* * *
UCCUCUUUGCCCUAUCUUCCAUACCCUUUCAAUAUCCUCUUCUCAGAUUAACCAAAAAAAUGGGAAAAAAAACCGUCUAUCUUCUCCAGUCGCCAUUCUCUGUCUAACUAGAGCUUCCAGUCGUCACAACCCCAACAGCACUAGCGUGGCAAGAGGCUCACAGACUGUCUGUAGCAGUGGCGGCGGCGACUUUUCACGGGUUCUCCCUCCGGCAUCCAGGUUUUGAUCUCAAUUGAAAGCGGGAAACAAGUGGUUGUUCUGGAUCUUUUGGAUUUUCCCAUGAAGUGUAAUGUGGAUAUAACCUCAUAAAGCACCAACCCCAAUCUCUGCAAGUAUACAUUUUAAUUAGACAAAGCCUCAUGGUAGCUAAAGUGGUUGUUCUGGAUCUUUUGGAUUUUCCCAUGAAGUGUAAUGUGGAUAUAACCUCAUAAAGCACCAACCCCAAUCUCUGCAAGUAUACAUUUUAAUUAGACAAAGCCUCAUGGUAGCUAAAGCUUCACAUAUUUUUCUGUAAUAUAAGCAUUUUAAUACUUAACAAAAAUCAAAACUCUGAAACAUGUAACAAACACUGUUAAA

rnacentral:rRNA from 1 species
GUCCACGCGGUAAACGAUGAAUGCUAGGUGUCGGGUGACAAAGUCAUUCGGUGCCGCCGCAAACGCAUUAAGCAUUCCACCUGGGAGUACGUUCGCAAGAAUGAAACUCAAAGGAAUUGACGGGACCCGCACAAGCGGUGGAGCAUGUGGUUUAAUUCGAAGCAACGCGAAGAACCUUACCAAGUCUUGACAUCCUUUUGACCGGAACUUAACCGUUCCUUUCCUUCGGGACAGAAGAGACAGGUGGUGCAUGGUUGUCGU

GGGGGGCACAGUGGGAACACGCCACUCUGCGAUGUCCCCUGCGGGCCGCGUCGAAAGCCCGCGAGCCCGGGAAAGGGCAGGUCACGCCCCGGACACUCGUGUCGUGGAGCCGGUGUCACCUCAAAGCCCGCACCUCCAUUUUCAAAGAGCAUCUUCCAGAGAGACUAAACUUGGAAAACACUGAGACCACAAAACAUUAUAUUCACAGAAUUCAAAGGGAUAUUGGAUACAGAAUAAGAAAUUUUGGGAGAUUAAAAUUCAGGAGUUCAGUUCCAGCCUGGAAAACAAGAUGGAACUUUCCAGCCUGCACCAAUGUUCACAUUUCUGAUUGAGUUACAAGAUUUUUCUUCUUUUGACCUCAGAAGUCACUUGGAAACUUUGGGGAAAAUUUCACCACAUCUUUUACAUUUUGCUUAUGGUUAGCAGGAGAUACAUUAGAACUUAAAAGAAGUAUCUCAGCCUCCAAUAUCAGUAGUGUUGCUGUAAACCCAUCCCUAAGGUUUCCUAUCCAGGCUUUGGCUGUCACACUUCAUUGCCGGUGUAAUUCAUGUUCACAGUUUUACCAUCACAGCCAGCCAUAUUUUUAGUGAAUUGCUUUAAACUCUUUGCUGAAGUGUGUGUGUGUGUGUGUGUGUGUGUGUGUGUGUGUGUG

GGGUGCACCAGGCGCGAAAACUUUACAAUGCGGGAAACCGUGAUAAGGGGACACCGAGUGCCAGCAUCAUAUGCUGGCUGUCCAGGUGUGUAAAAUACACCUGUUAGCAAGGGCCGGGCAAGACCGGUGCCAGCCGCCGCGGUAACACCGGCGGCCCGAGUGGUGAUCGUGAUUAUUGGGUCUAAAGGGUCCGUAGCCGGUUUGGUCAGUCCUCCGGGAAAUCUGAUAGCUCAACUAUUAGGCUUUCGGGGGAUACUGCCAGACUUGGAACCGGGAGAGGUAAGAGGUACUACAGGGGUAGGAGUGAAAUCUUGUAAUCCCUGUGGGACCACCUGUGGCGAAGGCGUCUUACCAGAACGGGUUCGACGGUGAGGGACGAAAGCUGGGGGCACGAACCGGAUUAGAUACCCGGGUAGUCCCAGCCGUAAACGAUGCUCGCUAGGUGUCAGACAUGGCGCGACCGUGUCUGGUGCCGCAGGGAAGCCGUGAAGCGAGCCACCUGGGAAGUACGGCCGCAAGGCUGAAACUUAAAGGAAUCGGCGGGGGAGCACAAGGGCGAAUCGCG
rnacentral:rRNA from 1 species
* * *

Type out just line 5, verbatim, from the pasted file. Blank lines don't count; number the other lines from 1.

GGGUGCACCAGGCGCGAAAACUUUACAAUGCGGGAAACCGUGAUAAGGGGACACCGAGUGCCAGCAUCAUAUGCUGGCUGUCCAGGUGUGUAAAAUACACCUGUUAGCAAGGGCCGGGCAAGACCGGUGCCAGCCGCCGCGGUAACACCGGCGGCCCGAGUGGUGAUCGUGAUUAUUGGGUCUAAAGGGUCCGUAGCCGGUUUGGUCAGUCCUCCGGGAAAUCUGAUAGCUCAACUAUUAGGCUUUCGGGGGAUACUGCCAGACUUGGAACCGGGAGAGGUAAGAGGUACUACAGGGGUAGGAGUGAAAUCUUGUAAUCCCUGUGGGACCACCUGUGGCGAAGGCGUCUUACCAGAACGGGUUCGACGGUGAGGGACGAAAGCUGGGGGCACGAACCGGAUUAGAUACCCGGGUAGUCCCAGCCGUAAACGAUGCUCGCUAGGUGUCAGACAUGGCGCGACCGUGUCUGGUGCCGCAGGGAAGCCGUGAAGCGAGCCACCUGGGAAGUACGGCCGCAAGGCUGAAACUUAAAGGAAUCGGCGGGGGAGCACAAGGGCGAAUCGCG